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Safer churches, and responsibility to survivors of abuse in a church context

09 May 2014


From Mr Simon Bass

Sir, - The Revd Dr Peter Stell (Comment, 2 May) deserves high praise for pointing out that survivors of abuse deserve from Churches specialist support as well as their having effective safeguarding policies. It is certainly not an either/or, because effective and properly implemented policies are a necessary precondition for safer churches.

The Church of England's safeguarding policy document for survivors is Responding Well (2011), which built on the excellent CTBI book Time for Action (2002). It outlines the basis for much of what Dr Stell advocates, including clerics' and others' undertaking specialist training.

I am less convinced, however, by his argument that each diocese should recruit specialist counsellors and psychotherapists to address the needs of survivors. This is because, as Dr Stell admits, one consequence of being abused in a church context is often a loss of faith and trust, and this makes it far less likely that anyone who has suffered in this way would seek such counselling from the very institution within which he or she had been abused.

For many survivors, having someone listen to their story is important. The part played by the "authorised listener" who can provide an "attentive and attuned listening ear", as Responding Well puts it, is vital, therefore.

Churches at their best can be places of refuge and comfort, where excellent pastoral care is given to survivors. But this can happen only if churches embrace all the good practice enshrined within Responding Well. Support for survivors should include assisting them in finding appropriate specialist counselling, and providing all means to gain access to this.


Chief Executive
Churches' Child Protection
Advisory Service (CCPAS)
PO Box 133, Swanley
Kent BR8 7UQ


From the Revd Peter Mockford

Sir, - I completely agree with the Revd Dr Peter Stell's article on "What survivors deserve from the church". As a psychotherapist as well as a clergyman, I see predominantly members of the clergy and clergy families. All of us carry some degree of trauma, and within society, I believe, the level of trauma has increased massively in the past 100 years. So in our churches we carry trauma as a matter of course, but obviously it varies in degree.

Various practices have arisen in churches over the years to deal with this, from "inner healing" to "sozo". But, in the wider society, a huge amount of work has been done on the nature of trauma and its resolution. This has happened mainly in the field of counselling/psychotherapy since the turn of the 20th century.

Although there are deep-rooted historical suspicions here, it is time that we listened to the world of psychotherapy and counselling. The key to good and safe practice to dealing with trauma is, without a doubt, self-awareness. Without this. the helper, however well-intentioned, will inevitably involve his or her process. This can easily result in increasing the level of trauma rather than decreasing it.

Self-awareness is not easily gained; indeed, it is a continual and ongoing process for all of us. We do know, however, that one of the key ways of achieving it is in counselling and psychotherapy. I agree with Dr Stell that Bishops need to recruit more professionals; but this would be only a limited step. It ought to be mandatory that the clergy in their curacies do at least 80 sessions of therapy.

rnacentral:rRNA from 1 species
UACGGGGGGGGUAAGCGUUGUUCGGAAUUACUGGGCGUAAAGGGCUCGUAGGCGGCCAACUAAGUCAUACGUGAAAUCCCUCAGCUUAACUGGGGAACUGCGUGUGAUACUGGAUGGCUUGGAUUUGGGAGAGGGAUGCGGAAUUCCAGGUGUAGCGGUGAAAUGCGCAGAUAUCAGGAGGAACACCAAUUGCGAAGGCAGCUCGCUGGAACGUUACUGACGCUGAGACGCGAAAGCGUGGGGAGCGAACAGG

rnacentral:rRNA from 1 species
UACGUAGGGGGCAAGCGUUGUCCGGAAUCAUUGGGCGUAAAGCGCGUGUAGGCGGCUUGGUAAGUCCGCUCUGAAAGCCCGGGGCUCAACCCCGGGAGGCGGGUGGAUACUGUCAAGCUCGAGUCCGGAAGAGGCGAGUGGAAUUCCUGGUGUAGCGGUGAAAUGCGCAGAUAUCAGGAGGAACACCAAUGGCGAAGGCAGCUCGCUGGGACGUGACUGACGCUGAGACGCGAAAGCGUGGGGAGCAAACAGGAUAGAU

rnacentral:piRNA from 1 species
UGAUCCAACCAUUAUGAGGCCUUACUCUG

It is better for this to be done in curacies than in colleges, as curacies are in the "real world", and tend to be for at least three years. In this diocese (Lichfield), the infrastructure is already in place, if not the finance. I do know that there are church bodies (e.g. the Churches' Ministerial Counselling Service) that could provide this service across the country. This needs to be a priority for the Church.

Second, no profession that deals with such a high level of people contact should be without regular supervision. The days of the independent incumbent have gone. Current practice is, I believe, unsupportable. Clergy supervisors need to be properly trained, and accountability needs to be built into the system, as it is for other professions. I appreciate that this is a long-term project, but, to prevent further abuse and to make our churches safer, we need to start with the clergy now.

The Vicarage, School Lane
Stoke on Trent ST3 3DU


From the Revd Ravi Holy

Sir, - In his excellent article last week, the Revd Dr Peter Stell argued that the Church needed to go the extra mile to help survivors of abuse, and talked about the particular part to be played by survivor groups, of which Heal For Life is one.

Our five-day residential courses are run by trained survivors using a highly successful model developed and refined in Australia over the past 15 years. At £400 per person (which includes accommodation and all meals), they are highly affordable. Of course, for someone on sickness benefits, this is still prohibitively expensive; but we maintain a bursary fund, so that lack of funds is never an obstacle to someone's getting the life-changing help he or she needs.

In Australia, the Church has paid for many survivors of clergy abuse to attend our course, and this could be an attractive solution for the worried bishops Dr Stell imagines, too. Details of Heal For Life (whose patrons are Lady Williams and Baroness Howarth) can be found at www.healforlife.org.uk.

Chair of Trustees, Heal For Life UK
The Vicarage
Cherry Garden Crescent
Wye, Kent TN25 5AS

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